SOURCE TRACKING OF MICROBIAL COMMUNITY IN ANIMAL MANURE RESPONSIBLE FOR ODOR PRODUCTION
Food Animal Environmental Systems Research Unit
2011 Annual Report
1a.Objectives (from AD-416)
Research will be conducted as part of the student’s research training toward a Ph.D. degree. The research will be in the area of animal waste management with a special focus on Microbiological activities in relation to odor, atmospheric emission, and nutrient transport.
1b.Approach (from AD-416)
A Ph.D. candidate student from Alabama A&M University will be trained and mentored by an advisory committee from USDA-ARS scientists in Bowling Green, KY, and scientists from Alabama A&M University, Department of Natural Resources and Environmental Sciences. The student will complete her academic course works at the university, while conducting most of the research at USDA-ARS Bowling Green during summers and at the end of the course works requirement. The topic of the research requirement for the Ph.D. program will be determined at the first advisory committee meeting no later than the spring 2011 semester. However, the focus of the research will be in the area of animal waste management. This research will also be used as an opportunity to train a minority graduate student that will potentially become an USDA-ARS scientist upon graduation.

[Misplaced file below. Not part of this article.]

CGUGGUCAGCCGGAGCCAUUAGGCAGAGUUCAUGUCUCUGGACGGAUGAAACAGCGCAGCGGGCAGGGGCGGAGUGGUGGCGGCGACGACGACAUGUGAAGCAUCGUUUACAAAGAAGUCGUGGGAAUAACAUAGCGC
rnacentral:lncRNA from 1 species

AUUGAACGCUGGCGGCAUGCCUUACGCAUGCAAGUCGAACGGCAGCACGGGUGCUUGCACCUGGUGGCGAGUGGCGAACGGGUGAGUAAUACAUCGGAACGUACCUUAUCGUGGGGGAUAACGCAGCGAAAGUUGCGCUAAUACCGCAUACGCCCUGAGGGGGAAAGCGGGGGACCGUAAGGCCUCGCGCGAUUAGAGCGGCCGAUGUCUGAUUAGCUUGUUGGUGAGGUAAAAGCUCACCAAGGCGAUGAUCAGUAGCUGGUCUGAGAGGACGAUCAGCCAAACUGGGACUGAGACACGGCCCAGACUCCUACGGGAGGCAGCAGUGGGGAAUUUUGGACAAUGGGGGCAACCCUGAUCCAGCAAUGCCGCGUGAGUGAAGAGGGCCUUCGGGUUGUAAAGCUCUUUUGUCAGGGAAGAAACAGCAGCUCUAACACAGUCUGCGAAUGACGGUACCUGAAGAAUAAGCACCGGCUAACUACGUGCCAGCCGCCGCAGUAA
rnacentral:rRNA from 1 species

A minority Ph.D. candidate student was identified for training toward a Ph.D. degree program at Alabama A&M University. Initial meeting between ARS scientists and scientists from Alabama A&M University took place in January 2011 to discuss research and the degree program for the identified student. A potential advisory committee from USDA-ARS and Alabama A&M University will be selected in the near future. The student spent more than two months during the summer of 2011 at the USDA-ARS Animal Waste Management Research Unit to receive training in molecular microbiology. She will receive summer training for the next 2 to 3 years prior to finishing the requirement for her degree program.